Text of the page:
– The Assassination of John F. Kennedy – 46 Years Later

October, 1963 – My Sophomore Year

Today marks the 46th anniversary of the assassination of John F. Kennedy, who was killed on this date in 1963.  At the time of his death, I was a sophomore at George Washington High School in Denver, Colorado.  I had recently turned 15 years old, and had begun keeping a diary only the month before.

I watched the non-stop news coverage of the assassination obsessively, waiting for some detail or explanation that would help make sense of the inconceivable.  Perhaps more real to me than the image of Kennedy as President was my image of him as a family man.  He was only 46 years old when he was killed.  His beautiful wife Jackie was 34, his daughter Caroline almost 6, and his son John Jr. almost 3.  Regardless of one’s politics, they were our First Family, and their loss was our loss.

Writing in my diary was one way I tried to come to grips with something totally outside the realm of my experience, but not for days would I escape a dreamlike sense of unreality.  With a tip of my hat to the boy I was then, I have reproduced below my three entries relating to this historic event.

Friday, November 22, 1963

What a day this has been.  The events of this day still seem unreal to me.  The date, November 22, 1963 will go down in history as one of the most earth-shaking days in this century.

For me it started quite normally.  I was wakened at about 7:00 o’clock.  I dressed and went downstairs.  Mom took me to school because the temperature was twenty-seven degrees.  Today was to be the day of the Thespian play, “The Late Christopher Bean,” and after fourth period I went directly to the ticket booth to sell tickets.  Nobody was in the booth, and this was strange because someone should have sold tickets fourth period.  The treasurer was there and she asked me to go to her office to get the box which contained the tickets, the key to the ticket booth, and five dollars in change.  As I left for her office, I saw a girl lying on the cement deck by the patio door.  I heard someone say that she had hit her head on a metal banister.  I ran to the nurse’s clinic, getting there just before two other girls.  I explained to the nurse that a girl had been hurt, and left the rest up to her.  I then went to the treasurer’s office.  When I returned to the ticket booth, I prepared to sell some tickets.  I saw the girl being carried away on a stretcher.  Just then [School Principal] Mr. Waldman’s voice came over the P.A. system.  He said something to the effect that there had been a great tragedy.  At first I thought he was talking about the unfortunate girl.  He continued, saying, “The President of the United States and the Governor of Texas have been shot.”  I don’t remember the rest of what he said except that they were both in critical condition.  I was completely stunned.  The blood all rushed to my face and my skin became very hot.  Later, when Karen [another Drama Club member] came into the booth, we said very little.  It was just too hard to understand.  In seventh period we were told that Mr. Kennedy had died.  This only confirmed my belief.  It is still hard to grasp the fact that he has been assassinated.  It all seems so unreal.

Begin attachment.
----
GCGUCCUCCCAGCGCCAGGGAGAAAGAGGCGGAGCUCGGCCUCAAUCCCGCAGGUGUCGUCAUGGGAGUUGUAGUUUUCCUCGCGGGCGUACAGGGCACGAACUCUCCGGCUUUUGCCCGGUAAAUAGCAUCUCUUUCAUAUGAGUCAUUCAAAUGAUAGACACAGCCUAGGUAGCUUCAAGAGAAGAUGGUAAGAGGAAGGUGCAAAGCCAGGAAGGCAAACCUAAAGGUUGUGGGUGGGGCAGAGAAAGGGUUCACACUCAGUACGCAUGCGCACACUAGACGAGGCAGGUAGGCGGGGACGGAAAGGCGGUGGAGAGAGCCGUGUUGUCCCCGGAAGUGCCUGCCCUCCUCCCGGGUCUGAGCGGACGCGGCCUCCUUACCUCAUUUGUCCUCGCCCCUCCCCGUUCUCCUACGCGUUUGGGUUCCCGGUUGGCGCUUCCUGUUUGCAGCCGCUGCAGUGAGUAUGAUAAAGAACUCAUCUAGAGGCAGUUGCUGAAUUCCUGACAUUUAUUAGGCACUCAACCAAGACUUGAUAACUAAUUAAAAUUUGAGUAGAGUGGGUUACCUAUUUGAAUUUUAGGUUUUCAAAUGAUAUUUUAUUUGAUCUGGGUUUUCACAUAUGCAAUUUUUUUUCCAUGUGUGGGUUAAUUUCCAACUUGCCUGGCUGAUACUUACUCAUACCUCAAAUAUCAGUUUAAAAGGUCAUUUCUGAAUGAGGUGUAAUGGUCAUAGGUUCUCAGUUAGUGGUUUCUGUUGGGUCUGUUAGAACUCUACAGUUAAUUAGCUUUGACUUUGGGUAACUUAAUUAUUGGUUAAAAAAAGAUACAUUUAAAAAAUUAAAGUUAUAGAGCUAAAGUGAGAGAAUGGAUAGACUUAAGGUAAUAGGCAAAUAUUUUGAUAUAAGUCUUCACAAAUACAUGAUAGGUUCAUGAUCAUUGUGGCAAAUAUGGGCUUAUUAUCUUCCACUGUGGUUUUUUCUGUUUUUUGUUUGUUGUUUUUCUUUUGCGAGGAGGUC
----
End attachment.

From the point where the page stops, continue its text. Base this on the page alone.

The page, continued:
Saturday, November 23, 1963

I am finally able to grasp the fact that President Kennedy is dead.  Our family has spent almost the entire day watching the television and I am able to relate most of yesterday’s tragic events.

President and Mrs. Kennedy, with Governor and Mrs. Connally, moments before the assassination.